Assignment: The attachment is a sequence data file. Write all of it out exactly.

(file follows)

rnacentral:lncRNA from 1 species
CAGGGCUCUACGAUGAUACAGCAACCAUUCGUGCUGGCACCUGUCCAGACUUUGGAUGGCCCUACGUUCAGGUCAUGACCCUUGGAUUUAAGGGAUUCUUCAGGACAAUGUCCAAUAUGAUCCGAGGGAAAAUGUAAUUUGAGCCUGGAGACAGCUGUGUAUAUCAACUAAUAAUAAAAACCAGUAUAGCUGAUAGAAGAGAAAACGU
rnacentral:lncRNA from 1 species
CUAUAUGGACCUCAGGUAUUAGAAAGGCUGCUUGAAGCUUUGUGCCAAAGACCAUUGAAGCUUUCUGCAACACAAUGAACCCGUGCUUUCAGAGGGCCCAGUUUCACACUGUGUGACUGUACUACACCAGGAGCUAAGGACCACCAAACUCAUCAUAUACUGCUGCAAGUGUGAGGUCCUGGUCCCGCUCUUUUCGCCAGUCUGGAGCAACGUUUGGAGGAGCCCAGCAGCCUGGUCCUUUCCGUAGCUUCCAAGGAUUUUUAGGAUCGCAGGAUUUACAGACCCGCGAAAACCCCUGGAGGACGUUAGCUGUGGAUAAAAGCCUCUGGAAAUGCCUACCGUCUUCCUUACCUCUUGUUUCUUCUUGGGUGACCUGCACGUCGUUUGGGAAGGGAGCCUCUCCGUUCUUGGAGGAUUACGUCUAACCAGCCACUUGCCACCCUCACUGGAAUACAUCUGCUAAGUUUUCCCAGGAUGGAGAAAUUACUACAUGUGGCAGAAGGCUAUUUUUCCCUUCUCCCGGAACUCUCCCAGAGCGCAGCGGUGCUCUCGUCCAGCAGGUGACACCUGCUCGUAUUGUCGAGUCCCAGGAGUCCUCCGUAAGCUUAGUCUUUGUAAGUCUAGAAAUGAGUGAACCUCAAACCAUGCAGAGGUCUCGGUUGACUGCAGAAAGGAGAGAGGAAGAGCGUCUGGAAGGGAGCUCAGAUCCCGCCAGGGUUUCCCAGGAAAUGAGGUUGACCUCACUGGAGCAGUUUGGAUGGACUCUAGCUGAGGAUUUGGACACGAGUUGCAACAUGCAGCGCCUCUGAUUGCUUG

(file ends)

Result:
rnacentral:lncRNA from 1 species
CAGGGCUCUACGAUGAUACAGCAACCAUUCGUGCUGGCACCUGUCCAGACUUUGGAUGGCCCUACGUUCAGGUCAUGACCCUUGGAUUUAAGGGAUUCUUCAGGACAAUGUCCAAUAUGAUCCGAGGGAAAAUGUAAUUUGAGCCUGGAGACAGCUGUGUAUAUCAACUAAUAAUAAAAACCAGUAUAGCUGAUAGAAGAGAAAACGU
rnacentral:lncRNA from 1 species
CUAUAUGGACCUCAGGUAUUAGAAAGGCUGCUUGAAGCUUUGUGCCAAAGACCAUUGAAGCUUUCUGCAACACAAUGAACCCGUGCUUUCAGAGGGCCCAGUUUCACACUGUGUGACUGUACUACACCAGGAGCUAAGGACCACCAAACUCAUCAUAUACUGCUGCAAGUGUGAGGUCCUGGUCCCGCUCUUUUCGCCAGUCUGGAGCAACGUUUGGAGGAGCCCAGCAGCCUGGUCCUUUCCGUAGCUUCCAAGGAUUUUUAGGAUCGCAGGAUUUACAGACCCGCGAAAACCCCUGGAGGACGUUAGCUGUGGAUAAAAGCCUCUGGAAAUGCCUACCGUCUUCCUUACCUCUUGUUUCUUCUUGGGUGACCUGCACGUCGUUUGGGAAGGGAGCCUCUCCGUUCUUGGAGGAUUACGUCUAACCAGCCACUUGCCACCCUCACUGGAAUACAUCUGCUAAGUUUUCCCAGGAUGGAGAAAUUACUACAUGUGGCAGAAGGCUAUUUUUCCCUUCUCCCGGAACUCUCCCAGAGCGCAGCGGUGCUCUCGUCCAGCAGGUGACACCUGCUCGUAUUGUCGAGUCCCAGGAGUCCUCCGUAAGCUUAGUCUUUGUAAGUCUAGAAAUGAGUGAACCUCAAACCAUGCAGAGGUCUCGGUUGACUGCAGAAAGGAGAGAGGAAGAGCGUCUGGAAGGGAGCUCAGAUCCCGCCAGGGUUUCCCAGGAAAUGAGGUUGACCUCACUGGAGCAGUUUGGAUGGACUCUAGCUGAGGAUUUGGACACGAGUUGCAACAUGCAGCGCCUCUGAUUGCUUG